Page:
News Release

US youth firearm mortality increases over the past decade; trends differ significantly across states

Four states with stricter laws restricting gun access successfully reversed upward trajectories in youth gun deaths over the past decade, according to a study published in the American Journal of Medicine Open

Peer-Reviewed Publication


Philadelphia, July 19, 2022 – Not a day goes by without reports of more tragic incidents of gun violence against children. In 2020, firearms were the leading cause of death in children in the United States. While alarm at increasingly frequent school shootings, suicides, accidents, and other senseless deaths is mounting, the US has not moved forward as a nation to stem this rising tide. An eye-opening analysis by state of US youth firearm mortalities statistics from 2010-2019, which appears in the American Journal of Medicine Open (AJMO) published by Elsevier, provides important clues about how to effectively address these problems.

The findings, which present a sobering picture that validates earlier studies, show that the gun death rates per 100,000 American children increased by 30% during the study period. There were also rate increases among children across several categories, notably suicidal deaths (+63%), females (+46%), Southerners (+52%), non-Hispanic Whites (+45%), and non-Hispanic Blacks (+36%).

This study is one of the few that examines youth firearm mortality rates by state and contributes new insights through this analysis. “The significant differences in the state-by-state data provide an opportunity for states with high mortality rates to evaluate the policies in low mortality states. This comparison has the potential to reduce the trajectory of increasing gun deaths,” noted James H. Price, PhD, MPH, University of Toledo, Toledo, OH, USA, who co-authored the article with Jagdish Khubchandani, MBBS, PhD, Department of Public Health Sciences, New Mexico State University, Las Cruces, NM, USA.

Most previous studies have looked at the number of deaths across the nation, for a limited period, and may not have assessed differences in deaths by state, region, age, race, or mechanism of deaths (e.g., suicide vs. homicide).

“Our findings were a precursor to what was coming. The recent Centers for Disease Control and Prevention (CDC) data report has shown that firearms are now the leading cause of death in children and adolescents. Our findings, published before this new CDC data came out, reflected the growing trends of such mortality in the past decade,” explained Dr. Khubchandani.

The four states that did not have an upward trend in gun violence affecting children were New York, New Jersey, Pennsylvania, and California, and have subsequently been shown to have strong laws to prevent child access to guns. Seven states with the highest rates of increased child-related gun violence (more than a 70% increase) were South Carolina, Arkansas, Colorado, Ohio, Kansas, Texas, and Indiana. Dr. Price stated, "Four of these states do not have child access prevention laws and two have weak laws.” Eighteen states had too few incidents in either 2010 or 2019 to reliably predict a trend.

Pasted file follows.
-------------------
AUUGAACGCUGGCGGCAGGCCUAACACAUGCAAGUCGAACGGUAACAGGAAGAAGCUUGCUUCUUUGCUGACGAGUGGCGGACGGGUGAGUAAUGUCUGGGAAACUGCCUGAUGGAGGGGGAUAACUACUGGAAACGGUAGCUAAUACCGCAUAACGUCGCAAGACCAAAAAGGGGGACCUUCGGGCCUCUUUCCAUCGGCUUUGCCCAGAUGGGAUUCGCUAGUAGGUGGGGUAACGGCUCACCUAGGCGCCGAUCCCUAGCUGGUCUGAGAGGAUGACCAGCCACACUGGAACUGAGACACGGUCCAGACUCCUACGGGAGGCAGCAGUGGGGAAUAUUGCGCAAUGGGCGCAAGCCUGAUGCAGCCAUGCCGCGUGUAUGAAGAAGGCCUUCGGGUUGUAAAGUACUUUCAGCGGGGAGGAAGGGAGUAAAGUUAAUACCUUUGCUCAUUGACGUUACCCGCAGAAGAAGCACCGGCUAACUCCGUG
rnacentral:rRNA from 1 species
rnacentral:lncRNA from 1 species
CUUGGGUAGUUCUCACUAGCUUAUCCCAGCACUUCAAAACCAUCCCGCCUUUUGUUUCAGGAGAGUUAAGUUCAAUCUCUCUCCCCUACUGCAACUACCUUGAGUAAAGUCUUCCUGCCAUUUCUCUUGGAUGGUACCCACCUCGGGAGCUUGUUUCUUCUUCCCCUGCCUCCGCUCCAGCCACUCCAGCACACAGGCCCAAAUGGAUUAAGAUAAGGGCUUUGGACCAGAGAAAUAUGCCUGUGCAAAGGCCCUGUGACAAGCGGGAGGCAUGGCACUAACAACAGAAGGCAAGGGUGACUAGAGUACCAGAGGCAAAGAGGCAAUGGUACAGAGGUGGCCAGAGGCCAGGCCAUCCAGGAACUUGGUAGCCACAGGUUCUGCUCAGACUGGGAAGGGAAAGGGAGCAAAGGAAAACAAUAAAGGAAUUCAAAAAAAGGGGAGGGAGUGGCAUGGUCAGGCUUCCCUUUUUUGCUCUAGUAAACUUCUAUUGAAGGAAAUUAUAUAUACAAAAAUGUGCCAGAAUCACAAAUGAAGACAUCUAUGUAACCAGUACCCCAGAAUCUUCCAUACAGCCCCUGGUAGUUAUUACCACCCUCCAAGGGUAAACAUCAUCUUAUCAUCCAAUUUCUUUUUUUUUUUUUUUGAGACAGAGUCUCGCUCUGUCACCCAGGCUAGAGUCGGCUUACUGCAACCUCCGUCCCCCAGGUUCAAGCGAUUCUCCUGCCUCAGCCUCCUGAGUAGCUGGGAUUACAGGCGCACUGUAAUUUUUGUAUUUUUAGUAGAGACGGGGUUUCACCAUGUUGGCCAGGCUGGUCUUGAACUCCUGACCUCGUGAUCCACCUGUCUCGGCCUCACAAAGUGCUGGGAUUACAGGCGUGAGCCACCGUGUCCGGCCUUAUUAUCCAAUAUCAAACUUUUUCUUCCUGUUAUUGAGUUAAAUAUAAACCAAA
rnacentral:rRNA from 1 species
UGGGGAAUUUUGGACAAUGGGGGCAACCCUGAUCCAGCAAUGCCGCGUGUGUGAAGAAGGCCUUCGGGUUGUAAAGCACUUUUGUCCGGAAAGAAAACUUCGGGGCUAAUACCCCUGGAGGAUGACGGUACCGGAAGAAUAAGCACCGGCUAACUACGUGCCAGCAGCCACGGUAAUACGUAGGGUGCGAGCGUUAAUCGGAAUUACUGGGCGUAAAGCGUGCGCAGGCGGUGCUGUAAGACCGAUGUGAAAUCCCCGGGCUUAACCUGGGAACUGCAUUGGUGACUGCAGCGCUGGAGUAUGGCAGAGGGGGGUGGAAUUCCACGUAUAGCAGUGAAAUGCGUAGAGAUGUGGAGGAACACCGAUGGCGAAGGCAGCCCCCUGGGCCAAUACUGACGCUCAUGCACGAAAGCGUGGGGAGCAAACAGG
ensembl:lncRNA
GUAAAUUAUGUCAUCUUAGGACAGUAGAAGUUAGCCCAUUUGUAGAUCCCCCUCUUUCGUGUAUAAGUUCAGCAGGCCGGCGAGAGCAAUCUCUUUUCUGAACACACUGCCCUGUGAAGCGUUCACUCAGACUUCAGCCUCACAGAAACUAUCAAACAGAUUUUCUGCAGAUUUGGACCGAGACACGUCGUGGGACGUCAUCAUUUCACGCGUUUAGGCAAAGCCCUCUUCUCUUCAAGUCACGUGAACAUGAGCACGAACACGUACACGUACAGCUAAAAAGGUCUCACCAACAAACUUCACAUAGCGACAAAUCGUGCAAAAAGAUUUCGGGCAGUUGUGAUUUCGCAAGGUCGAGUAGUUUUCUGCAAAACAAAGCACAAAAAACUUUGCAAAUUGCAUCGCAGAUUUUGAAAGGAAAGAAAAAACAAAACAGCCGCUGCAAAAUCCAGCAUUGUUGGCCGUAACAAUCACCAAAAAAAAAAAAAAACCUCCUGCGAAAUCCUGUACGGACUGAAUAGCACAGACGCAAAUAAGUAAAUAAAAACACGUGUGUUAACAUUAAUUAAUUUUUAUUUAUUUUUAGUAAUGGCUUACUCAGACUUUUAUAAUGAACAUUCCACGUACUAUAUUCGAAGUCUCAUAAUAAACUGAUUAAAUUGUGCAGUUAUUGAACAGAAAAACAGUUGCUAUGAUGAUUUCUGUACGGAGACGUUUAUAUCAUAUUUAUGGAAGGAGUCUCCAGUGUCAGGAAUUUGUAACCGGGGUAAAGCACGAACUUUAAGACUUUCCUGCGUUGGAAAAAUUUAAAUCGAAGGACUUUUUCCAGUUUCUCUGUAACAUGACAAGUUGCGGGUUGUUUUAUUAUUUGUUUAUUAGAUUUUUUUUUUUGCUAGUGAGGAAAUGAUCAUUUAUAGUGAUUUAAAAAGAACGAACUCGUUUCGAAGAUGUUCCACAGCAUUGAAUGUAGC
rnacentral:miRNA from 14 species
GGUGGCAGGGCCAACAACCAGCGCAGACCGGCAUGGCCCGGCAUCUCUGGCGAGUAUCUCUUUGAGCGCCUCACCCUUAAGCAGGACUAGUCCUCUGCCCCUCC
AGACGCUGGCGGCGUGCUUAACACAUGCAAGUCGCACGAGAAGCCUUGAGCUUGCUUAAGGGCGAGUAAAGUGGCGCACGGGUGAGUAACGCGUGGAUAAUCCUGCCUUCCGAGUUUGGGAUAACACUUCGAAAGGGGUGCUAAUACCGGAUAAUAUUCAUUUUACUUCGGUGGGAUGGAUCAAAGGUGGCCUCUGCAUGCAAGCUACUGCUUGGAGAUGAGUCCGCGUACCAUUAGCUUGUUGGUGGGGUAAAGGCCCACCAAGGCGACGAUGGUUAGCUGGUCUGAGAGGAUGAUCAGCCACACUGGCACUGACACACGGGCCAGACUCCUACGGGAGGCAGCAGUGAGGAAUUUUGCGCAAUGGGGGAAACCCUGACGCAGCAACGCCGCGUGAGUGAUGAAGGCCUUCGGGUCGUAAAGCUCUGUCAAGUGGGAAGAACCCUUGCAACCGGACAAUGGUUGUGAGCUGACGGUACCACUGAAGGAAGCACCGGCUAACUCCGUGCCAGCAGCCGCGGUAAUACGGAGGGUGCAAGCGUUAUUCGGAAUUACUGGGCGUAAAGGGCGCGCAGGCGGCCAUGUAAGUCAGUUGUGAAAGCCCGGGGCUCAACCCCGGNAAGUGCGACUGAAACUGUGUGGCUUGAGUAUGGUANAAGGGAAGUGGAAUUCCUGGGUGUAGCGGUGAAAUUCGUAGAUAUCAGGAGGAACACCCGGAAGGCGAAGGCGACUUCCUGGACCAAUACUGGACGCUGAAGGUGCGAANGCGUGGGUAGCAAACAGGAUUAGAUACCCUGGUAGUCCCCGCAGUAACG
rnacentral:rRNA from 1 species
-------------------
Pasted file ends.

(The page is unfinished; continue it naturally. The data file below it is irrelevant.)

According to Dr. Price, “The message is clear: States with more guns have more gun homicides, suicides, and unintentional deaths. States with strong laws that limit access have fewer gun deaths. While solutions proposed by most legislators show a lack of knowledge about the research in this area, we hope the leaders of the 26 states with increased firearm mortality will take heed of these findings.”

To address the worsening epidemic of youth suicides, he noted that better access to mental health resources and better storage of firearms by adults is needed. 

Most major causes and risk factors for death in children have been declining, except firearms. Given the recent mass school shootings, public attention is currently focused on preventing school-based tragedies. Dr. Khubchandani pointed out that these incidents comprise less than 5% of all child firearm deaths. “More than 10 children die of firearms in communities every day, most taking place away from schools. We must address the problem at a broader level, with a more comprehensive approach to policies, prevention practices, and clinical interventions.”

Looking at deadly shootings involving children from a broader perspective, AJMO Editor-in-Chief Stuart Chipkin, MD, University of Massachusetts Amherst School of Public Health and Health Sciences, Amherst, MA, USA, added, “For a problem this tragic, it would be overly simplistic to think that geography is the only variable to consider. Beyond what states can accomplish, we need to consider possibilities including cooperation between states or national oversight programs. Gun manufacturers can and should be brought to the table to contribute ways to maximize safety. Thinking ‘outside the box’ of state borders will be important to create sustainable reductions in youth mortality. Rather than a map of high and low mortality rates, collaborative approaches should be emphasized as a way to create a map in which pediatric deaths from gun violence are minimal across the country.”


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